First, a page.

First hand advice from an expert by experience
At Maudsley Learning we believe in peer to peer learning. We believe that sharing stories and learning from experience can be very impactful. As such, we thought it would be very powerful for us to tell you the story of someone who has experienced mental illness. Lisa Rodrigues has kindly shared her experience with the intention of helping people understand how powerful a good support system can be, and we hope that line managers can take away positive points about how to best support their employees in their mental health and wellbeing.
Lisa Rodrigues, CBE, is a writer and mental health campaigner. She retired in 2014 after 41 years in the NHS. She was a nurse and health visitor, then an NHS manager, including 13 years as chief executive of a mental health trust. She blogs at www.lisasaysthis.com
Lisa now uses her understanding of stigma, including self-stigma, to raise awareness and reduce the negativity that can still be associated with mental illness. She has answered a couple of questions that Maudsley Learning had for her about her experience.
Q1: At what point did you feel that mental illness was affecting your work?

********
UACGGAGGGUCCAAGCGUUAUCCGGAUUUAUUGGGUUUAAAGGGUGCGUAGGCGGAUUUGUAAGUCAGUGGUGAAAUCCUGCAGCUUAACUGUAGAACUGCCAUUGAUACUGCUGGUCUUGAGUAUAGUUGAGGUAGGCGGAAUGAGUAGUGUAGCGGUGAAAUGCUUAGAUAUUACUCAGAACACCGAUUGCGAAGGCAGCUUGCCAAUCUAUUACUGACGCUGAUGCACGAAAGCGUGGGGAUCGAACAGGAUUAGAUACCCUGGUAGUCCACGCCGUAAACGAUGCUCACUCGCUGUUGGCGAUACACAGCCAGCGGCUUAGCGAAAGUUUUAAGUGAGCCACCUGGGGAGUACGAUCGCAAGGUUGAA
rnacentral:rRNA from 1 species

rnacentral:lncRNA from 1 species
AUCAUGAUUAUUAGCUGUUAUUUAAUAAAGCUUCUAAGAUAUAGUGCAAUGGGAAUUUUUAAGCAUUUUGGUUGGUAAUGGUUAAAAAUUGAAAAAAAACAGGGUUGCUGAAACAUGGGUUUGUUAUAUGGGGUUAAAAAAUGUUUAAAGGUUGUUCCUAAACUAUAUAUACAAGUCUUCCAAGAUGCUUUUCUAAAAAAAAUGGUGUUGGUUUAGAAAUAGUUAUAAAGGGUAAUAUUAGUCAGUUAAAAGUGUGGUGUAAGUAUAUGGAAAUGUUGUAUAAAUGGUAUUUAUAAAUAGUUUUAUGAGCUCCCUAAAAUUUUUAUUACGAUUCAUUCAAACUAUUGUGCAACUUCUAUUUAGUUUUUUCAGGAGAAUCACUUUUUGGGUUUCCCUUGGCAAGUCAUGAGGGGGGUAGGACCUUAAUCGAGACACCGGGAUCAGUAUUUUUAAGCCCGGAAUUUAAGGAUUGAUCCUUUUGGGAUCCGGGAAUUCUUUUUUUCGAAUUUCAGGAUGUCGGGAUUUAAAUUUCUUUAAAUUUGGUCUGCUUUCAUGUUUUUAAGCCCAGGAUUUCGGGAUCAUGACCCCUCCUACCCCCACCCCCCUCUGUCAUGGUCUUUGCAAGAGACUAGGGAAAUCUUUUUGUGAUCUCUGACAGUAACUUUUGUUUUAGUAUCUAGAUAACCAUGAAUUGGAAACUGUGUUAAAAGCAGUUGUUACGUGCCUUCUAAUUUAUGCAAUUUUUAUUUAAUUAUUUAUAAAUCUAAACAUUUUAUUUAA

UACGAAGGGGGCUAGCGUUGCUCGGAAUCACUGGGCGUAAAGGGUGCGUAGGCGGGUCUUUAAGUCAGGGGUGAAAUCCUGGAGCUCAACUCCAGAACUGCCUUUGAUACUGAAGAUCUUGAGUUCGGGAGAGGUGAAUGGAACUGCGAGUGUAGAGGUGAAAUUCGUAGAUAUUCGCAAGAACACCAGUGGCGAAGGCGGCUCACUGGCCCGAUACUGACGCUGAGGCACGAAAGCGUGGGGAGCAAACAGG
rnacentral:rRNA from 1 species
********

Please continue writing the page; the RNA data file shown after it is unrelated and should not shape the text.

I have experienced depression off and on since aged 15, but kept quiet about it at work until I was 58, ironically only a month before my latest episode… Regarding my latest episode, I really thought I was OK until the day I collapsed. But with hindsight, there were warning signs in the preceding months which I ignored. Colleagues had noticed I was showing signs of stress, but because I was the Chief Executive, I think they found it hard to say anything to me. Or if they did, I wasn’t listening.
Q2: When did you decide to seek help, and how did you communicate that at work?
I didn’t seek help myself, it was kind of thrust upon me because I deteriorated very quickly. I had to make a decision about being open regarding why I was off. I’m really glad I was encouraged to do this. It was very hard initially, but in the end made things a lot easier, particularly going back to work.
Q3: How did your line managers and colleagues react to the news – can you share any behaviours that you found particularly useful at the time?
I was the boss, and because I had always seemed a very strong person, people were shocked. I had excellent support from several members of my executive team and my Chairman. I found it really good that they contacted me at least once a week, by email, and that three of them offered to visit me at home. I cried over all of them, but they were really kind and it made going back a lot easier because I had seen them.
Q4: What was going through your mind when you were returning to work?
I was terrified. I didn’t see how I could go back after being (in my mind at the time) a failure and collapsing as I had. When I went back, I was still feeling that it was all my fault and that it should have been something I managed better. It wasn’t until some months later that I finally accepted in my own mind that I had actually been ill.